Kazakhstan's Natural and Human Capital Resource Base
The availability of natural and human capital resources is essential to a country's development. Kazakhstan is particularly advantaged in having a rich array of both (Witte, 2016; World Bank, 2016b). All of these resources are being used to accelerate the pace of the country's social and economic development as well as to build a strong network of economic partnerships with other nations in the Central Asian region and with other countries worldwide (Legvolf, 2003; World Bank, 2012).
Kazakhstan's economy totaled US$430 billion (purchasing power parity [PPP]) in 2016. The country's per capita income in 2016 averaged US$24,300 (PPP) and, like the global economy in general, is expanding at a modest rate of approximately 1.2 percent annually. However, the rate of economic expansion ranged from a high of 6.0 percent in 2013 to its current low of 3.5 to 4.1 percent for 2017 and the first quarter of 2018 ("Kazakhstan's annual GDP growth rate 1995-2018," 2018). Declining prices in the energy sector, the major driver of the country's economic expansion, are reflected in the lower economic growth rates between 2013 and 2016. Slow growth is also pushing the country's political and economic leaders to increase levels of investment in R&D in all sectors of the economy. Other major components of the country's economy are associated with its very rich natural resources, especially petroleum and petroleum-related by-products including natural gas (Witte, 2016). The country's major export trading partners in 2016 were Italy (20.3%), China (11.5%), Russia (9.5%), Netherlands (8.9%), Switzerland (7.3%), and France (4.9%). In total, the country's exports totaled an estimated US$44.1 billion in 2017 as opposed to an estimated US$37.3 billion in 2016 (CIA, 2017).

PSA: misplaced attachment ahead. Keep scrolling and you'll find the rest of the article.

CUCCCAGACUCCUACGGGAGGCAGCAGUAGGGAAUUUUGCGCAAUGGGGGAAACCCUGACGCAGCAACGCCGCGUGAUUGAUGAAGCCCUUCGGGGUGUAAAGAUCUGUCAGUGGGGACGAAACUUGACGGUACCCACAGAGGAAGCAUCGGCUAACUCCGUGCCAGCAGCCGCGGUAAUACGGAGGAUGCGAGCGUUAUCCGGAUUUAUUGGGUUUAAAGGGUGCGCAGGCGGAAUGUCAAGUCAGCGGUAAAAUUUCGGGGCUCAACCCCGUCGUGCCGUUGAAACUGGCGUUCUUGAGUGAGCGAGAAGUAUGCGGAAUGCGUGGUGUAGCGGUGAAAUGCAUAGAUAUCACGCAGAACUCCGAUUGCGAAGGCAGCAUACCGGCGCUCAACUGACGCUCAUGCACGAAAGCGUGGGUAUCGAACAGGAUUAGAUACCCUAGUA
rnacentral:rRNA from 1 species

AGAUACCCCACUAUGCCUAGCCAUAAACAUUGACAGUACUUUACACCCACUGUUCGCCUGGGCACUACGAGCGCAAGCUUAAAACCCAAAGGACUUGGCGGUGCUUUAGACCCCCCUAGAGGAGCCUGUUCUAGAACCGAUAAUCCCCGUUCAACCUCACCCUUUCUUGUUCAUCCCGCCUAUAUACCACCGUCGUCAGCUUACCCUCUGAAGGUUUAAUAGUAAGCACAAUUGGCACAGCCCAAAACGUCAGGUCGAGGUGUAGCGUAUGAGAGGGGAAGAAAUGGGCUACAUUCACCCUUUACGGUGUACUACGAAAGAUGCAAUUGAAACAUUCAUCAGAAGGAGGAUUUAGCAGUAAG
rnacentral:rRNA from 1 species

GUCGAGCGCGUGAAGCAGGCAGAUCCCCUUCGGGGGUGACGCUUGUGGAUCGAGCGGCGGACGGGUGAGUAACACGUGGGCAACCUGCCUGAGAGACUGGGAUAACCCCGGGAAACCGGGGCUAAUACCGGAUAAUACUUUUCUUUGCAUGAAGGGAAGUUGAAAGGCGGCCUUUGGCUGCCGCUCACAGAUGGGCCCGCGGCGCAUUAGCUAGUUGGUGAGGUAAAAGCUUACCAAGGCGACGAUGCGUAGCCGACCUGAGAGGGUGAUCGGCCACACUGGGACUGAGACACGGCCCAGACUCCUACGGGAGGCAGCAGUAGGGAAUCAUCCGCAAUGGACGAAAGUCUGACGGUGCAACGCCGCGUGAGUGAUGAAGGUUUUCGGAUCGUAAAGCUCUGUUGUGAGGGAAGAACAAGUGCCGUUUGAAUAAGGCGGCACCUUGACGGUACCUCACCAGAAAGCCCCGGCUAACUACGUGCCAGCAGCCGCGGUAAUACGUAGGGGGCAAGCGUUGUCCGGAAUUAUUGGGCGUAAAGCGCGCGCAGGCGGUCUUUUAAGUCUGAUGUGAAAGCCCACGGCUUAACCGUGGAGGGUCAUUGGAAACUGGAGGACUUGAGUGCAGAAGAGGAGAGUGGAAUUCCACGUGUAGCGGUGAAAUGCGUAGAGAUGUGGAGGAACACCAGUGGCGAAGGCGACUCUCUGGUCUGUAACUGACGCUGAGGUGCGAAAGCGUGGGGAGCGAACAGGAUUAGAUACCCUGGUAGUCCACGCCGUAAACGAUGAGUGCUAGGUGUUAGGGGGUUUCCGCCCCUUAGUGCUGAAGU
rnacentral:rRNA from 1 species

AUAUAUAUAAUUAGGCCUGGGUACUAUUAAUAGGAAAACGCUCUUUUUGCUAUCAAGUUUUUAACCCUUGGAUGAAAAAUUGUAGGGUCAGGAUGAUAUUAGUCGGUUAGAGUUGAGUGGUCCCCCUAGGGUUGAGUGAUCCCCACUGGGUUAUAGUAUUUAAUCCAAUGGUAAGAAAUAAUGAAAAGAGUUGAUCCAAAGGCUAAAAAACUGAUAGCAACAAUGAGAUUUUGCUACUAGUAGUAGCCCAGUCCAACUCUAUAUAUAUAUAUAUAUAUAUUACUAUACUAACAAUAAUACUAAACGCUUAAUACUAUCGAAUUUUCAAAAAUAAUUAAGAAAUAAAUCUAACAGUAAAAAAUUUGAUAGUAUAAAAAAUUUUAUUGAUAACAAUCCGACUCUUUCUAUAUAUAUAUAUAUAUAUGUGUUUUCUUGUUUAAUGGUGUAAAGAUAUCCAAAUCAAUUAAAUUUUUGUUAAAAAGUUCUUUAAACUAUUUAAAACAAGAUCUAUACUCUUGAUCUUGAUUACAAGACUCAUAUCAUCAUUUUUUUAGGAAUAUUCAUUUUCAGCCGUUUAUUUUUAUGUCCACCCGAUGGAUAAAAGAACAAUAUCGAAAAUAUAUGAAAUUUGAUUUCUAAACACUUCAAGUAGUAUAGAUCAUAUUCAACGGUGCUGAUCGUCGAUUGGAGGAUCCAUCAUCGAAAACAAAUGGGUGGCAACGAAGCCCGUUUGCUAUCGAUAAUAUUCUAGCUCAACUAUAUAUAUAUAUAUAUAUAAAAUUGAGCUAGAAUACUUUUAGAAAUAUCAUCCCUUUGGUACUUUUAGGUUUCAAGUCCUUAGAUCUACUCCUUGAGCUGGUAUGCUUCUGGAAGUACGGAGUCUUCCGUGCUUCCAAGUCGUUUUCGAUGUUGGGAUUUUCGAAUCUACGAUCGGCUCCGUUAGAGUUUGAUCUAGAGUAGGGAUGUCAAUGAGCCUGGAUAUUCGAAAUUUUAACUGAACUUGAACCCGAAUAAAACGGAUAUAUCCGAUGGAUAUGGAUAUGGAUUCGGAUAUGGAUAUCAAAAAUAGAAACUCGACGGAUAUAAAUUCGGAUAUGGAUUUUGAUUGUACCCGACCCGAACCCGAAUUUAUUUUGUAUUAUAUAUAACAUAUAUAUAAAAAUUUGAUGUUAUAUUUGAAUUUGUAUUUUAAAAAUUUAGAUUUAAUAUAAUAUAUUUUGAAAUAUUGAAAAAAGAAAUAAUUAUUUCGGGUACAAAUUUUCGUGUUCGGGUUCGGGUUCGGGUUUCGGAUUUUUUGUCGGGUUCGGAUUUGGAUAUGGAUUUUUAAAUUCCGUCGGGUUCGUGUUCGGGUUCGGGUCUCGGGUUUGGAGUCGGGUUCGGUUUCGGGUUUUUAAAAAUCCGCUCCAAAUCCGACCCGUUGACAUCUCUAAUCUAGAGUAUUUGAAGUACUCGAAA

Kazakhstan's Natural Resources